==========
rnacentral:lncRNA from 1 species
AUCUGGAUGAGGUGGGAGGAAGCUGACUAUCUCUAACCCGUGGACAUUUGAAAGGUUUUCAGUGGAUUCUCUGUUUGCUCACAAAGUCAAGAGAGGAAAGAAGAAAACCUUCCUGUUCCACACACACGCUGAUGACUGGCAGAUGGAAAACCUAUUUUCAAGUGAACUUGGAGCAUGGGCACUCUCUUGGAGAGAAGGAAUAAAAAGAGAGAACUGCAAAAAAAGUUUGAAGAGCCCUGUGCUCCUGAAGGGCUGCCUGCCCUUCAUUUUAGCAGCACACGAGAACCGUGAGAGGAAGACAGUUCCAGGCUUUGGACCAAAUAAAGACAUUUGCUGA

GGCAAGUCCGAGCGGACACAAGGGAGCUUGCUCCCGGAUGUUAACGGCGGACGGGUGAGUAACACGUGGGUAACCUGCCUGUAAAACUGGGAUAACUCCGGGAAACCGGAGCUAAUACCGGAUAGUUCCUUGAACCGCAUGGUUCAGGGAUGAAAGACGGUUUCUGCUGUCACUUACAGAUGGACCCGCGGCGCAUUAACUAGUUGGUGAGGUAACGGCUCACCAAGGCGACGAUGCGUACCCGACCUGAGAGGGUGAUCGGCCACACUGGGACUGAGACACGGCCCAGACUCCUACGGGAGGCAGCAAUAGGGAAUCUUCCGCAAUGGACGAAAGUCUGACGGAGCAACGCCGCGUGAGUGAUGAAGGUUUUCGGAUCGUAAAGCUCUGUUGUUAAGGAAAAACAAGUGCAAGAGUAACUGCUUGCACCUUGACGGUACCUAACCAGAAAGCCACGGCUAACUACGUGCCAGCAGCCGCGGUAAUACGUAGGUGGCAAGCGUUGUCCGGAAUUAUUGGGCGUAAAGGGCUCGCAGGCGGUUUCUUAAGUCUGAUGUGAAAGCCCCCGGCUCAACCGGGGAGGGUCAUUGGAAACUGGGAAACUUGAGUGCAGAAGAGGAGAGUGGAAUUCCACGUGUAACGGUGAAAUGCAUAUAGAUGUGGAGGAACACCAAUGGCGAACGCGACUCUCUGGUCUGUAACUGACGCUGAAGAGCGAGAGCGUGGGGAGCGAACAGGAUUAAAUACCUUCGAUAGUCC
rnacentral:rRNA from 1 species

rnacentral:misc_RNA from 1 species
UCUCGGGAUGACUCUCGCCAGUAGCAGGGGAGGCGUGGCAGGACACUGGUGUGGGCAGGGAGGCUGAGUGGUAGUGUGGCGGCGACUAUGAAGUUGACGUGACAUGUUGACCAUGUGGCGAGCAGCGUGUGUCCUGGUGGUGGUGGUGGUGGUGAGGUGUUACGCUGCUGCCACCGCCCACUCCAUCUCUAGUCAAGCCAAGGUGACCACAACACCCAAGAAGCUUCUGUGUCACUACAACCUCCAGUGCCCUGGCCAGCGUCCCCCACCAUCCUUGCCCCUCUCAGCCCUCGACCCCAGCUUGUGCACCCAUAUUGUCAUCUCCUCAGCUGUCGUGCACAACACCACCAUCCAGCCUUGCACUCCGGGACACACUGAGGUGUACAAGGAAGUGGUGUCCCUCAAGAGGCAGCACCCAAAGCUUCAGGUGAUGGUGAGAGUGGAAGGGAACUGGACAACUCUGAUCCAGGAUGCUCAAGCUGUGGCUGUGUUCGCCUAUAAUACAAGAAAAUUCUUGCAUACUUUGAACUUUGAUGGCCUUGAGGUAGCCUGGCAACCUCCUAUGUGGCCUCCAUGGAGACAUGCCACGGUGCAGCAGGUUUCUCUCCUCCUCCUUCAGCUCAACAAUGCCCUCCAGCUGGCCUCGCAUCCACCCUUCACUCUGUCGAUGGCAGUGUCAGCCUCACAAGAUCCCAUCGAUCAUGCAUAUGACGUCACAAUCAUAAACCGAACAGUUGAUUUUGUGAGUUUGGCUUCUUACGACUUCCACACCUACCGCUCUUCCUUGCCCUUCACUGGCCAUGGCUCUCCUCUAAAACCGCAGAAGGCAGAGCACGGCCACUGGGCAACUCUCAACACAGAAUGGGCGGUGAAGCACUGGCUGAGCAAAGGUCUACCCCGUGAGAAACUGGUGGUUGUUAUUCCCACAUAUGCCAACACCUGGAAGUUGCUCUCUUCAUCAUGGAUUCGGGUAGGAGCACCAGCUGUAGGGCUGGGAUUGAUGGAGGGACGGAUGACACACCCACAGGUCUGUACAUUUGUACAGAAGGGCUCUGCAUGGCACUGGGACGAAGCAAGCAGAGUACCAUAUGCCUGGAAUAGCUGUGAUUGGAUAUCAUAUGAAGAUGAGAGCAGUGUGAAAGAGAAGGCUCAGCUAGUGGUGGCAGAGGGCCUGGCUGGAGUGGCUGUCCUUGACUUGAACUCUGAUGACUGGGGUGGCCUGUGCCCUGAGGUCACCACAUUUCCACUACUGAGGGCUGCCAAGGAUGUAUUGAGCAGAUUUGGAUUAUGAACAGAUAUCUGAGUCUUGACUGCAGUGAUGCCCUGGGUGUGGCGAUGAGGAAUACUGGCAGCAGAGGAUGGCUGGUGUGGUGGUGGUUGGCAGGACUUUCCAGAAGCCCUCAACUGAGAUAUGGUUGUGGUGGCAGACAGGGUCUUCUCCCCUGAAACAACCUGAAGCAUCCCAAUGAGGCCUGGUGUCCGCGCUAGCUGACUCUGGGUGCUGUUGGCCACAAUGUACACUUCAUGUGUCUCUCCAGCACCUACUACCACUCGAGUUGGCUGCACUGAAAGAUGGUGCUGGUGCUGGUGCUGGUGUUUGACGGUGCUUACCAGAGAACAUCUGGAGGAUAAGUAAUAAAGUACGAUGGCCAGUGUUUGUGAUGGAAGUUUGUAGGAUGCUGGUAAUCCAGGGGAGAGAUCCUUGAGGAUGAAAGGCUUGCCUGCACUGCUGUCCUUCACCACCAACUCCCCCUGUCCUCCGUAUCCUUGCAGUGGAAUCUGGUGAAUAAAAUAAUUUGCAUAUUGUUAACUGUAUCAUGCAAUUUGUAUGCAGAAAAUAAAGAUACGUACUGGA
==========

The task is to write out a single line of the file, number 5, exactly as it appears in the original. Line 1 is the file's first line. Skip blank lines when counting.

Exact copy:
rnacentral:misc_RNA from 1 species